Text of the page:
Sergeant Stubby: An American Hero

Sergeant Stubby, a pitbull dog, was the official mascot of the 102nd Infantry Regiment (United States), assigned to the 26th (Yankee) Division. He served for 18 months and participated in seventeen battles on the Western Front.

He saved his regiment from surprise mustard gas attacks, found and comforted the wounded, and once caught a German soldier by the seat of his pants, holding him there until American soldiers found him. His exploits were often front page news in major newspapers.

Stubby was found wandering the grounds of the Yale University campus in New Haven, Connecticut in July 1917 while members of the 102nd Infantry were training. One soldier, Corporal Robert Conroy picked him up, trained with him, and developed fondness for the dog.

When time for the troops to ship out, Conroy hid Stubby under his overcoat and boarded the troop ship sailing to France undetected.

Upon discovery by Conroy’s commanding officer, Stubby saluted him as he had been trained to in camp. The commanding officer, impressed by this, allowed him to stay on board.

Stubby served with the 102nd Infantry Regiment in the trenches in France for 18 months and participated in 17 battles, getting wounded and recovering multiple times, but always boasting the morale of the soldiers.

When Stubby was injured by mustard gas, after he recovered, he returned with a specially designed gas mask to protect him and quickly learned to recognize and warn his unit of poison gas attacks. He could locate wounded soldiers in no man’s land, and — since he could hear the whine of incoming artillery shells before humans could — became very adept at letting his unit know when to duck for cover.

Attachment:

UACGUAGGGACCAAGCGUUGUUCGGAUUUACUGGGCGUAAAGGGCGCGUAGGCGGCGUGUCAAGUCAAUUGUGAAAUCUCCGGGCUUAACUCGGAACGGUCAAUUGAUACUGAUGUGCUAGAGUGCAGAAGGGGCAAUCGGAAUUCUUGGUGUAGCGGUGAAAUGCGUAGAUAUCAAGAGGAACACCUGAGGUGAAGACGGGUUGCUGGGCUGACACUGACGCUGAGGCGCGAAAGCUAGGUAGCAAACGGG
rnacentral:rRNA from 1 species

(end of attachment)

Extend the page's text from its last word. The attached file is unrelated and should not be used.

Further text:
He was solely responsible for capturing a German spy in the Argonne, following which the commander of the 102 Infantry nominated Stubby for the rank of sergeant. He was later injured in the chest and leg by a grenade.

At the end of the war, Robert Conroy smuggled Stubby home, where Stubby became a celebrity and marched in, and normally led many parades across the country. He met Presidents Woodrow Wilson, Calvin Coolidge, and Warren G. Harding.

Stubby died in his sleep in 1926. After his death, he was preserved with his skin mounted on a plaster cast. Conroy presented Stubby to the Smithsonian in 1956.

“Sgt. Stubby: An American Hero” is an upcoming animated feature-length film based on the life and times of Stubby, scheduled for theatrical release on April 13, 2018. It has also been endorsed as an official project of the United States World War I Centennial Commission.

A dog’s a man’s best friend. They stay with you through love and war. Kiss your pup, hug your dog and share Sgt. Stubby’s story with all the dog lovers and anybody who doubts how amazing and loyal these barking creatures are.